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Tomorrow’s tech policy conversations today

Disabled women talk together
Overhead shot of six disabled people of color at a rooftop deck party. An Indigenous Two-Spirit person with a prosthetic leg smiles directly at the camera and gives a thumbs up while everyone else is engaged in conversation.
Photo courtesy of Disabled And Here.

Across the United States, COVID-19 has had unequal impact on different communities. As numerous studies have shown, Black people, immigrants, and low-income people are more likely to contract the disease and more likely to suffer hospitalization and death when they do. Such disparate impacts also extend to the disabled community, which has similarly experienced far higher rates of hospitalization and mortality.

Advocates for social justice and civil rights have repeatedly called for the policy and technology sectors to effectively address COVID-19’s unequal impact on marginalized communities. Yet those advocates, as well as policymakers and technologists themselves, first need to understand the specific concerns that disabled people have. As a disabled person who is also queer, trans, and East Asian, I would argue that centering disability justice as a framework is necessary for achieving racial, gender, and economic justice, especially in light of COVID-19.

Nowhere is that framework more necessary than the technology industry. On the one hand, technology holds enormous promise for helping disabled people to cope with, and perhaps even thrive amid the pandemic, such as by enabling consistent access to meaningful social interaction. On the other, however, technology threatens to exacerbate long-standing structural problems, such as widespread medical discrimination resulting in denial of care. For disabled people, the stakes have never been higher, and this requires the tech policy community to make careful, well-designed proposals in collaboration with the most impacted communities. 

The unique COVID-19 threats for disabled people

Social justice and civil rights movements will remain incomplete and insufficient as long as they perpetuate ableist practices and ideas and are inaccessible to disabled people. Unfortunately, tech policy often fails to acknowledge, understand, or respond to issues impacting disabled people across different disability experiences, even though disabled people comprise one of the most at-risk groups.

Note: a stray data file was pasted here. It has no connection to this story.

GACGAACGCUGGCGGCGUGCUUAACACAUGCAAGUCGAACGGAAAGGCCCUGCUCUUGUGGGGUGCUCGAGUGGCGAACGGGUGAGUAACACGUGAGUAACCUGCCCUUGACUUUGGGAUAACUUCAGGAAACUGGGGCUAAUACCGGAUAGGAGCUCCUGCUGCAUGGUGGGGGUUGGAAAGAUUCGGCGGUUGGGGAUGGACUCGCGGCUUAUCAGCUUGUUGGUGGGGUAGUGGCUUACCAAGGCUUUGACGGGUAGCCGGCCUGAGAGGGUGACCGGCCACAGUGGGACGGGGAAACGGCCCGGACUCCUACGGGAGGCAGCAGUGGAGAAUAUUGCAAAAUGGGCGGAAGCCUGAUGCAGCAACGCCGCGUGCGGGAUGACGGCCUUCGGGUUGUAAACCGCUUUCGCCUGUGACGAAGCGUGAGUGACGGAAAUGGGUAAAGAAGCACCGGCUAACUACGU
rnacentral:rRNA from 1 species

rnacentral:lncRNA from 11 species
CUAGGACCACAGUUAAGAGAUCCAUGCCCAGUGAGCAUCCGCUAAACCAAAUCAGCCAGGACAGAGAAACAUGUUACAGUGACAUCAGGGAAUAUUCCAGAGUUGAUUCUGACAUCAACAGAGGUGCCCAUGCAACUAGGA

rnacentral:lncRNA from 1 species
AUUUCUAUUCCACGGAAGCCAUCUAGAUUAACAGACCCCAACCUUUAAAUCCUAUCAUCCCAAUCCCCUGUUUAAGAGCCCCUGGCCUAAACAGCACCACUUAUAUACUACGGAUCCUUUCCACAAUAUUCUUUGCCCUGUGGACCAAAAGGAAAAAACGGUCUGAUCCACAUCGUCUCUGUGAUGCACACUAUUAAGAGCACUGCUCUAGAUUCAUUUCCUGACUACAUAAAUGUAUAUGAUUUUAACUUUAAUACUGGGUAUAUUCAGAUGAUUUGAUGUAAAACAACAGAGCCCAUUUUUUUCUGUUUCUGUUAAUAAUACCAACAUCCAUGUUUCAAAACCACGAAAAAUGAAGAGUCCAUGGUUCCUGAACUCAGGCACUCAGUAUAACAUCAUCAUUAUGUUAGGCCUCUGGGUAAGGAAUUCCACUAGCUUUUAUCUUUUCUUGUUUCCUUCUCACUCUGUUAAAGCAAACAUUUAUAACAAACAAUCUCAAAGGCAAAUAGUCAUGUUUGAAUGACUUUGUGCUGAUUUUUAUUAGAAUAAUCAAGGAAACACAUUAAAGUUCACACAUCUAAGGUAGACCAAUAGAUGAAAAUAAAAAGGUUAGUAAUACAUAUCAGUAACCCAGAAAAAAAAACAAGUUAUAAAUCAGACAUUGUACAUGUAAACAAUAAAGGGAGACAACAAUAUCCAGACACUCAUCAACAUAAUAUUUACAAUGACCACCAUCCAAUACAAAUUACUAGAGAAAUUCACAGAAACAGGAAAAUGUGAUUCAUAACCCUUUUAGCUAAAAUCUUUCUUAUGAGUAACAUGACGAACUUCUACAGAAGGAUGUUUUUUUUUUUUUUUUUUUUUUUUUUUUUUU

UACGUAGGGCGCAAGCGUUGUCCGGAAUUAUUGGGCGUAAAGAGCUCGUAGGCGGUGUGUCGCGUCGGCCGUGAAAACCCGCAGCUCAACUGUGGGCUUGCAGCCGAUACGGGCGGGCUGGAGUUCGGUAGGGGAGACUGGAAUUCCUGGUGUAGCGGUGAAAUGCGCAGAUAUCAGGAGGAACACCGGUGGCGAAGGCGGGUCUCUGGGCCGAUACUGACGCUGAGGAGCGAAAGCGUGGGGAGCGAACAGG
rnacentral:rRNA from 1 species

Those with the highest chances of severe symptoms if they contract COVID-19 are people with chronic lung conditions and people with suppressed or compromised immune systems—by definition, disabled people. The people at greatest risk of post-recovery complications after surviving COVID-19 are likewise disabled people. Otherwise non-disabled people who are reporting significantly decreased lung capacity after surviving COVID-19 are now joining the disabled population. We also represent the vast majority of the population living in the congregate settings with the highest rates of transmission. That includes disability-specific locations like group homes, psychiatric hospitals, and nursing homes; and institutions where disabled people are extremely disproportionately overrepresented, like jails and prisons.

Tech policy proposals that do not center disabled people ultimately become dangerous for our continued health, safety, and freedom.

Rationing care for disabled people

Disabled advocates and community members are deeply concerned about a slew of COVID-19 policies, but among the most dangerous are practices relating to care rationing. Public health experts have cautioned us all to do our part in flattening the curve to decrease the strain on the medical system, but even with these efforts, failing health-care systems are having to ration health care, which is dangerous for disabled people. Unthinking technological approaches toward rationing may make this problem worse.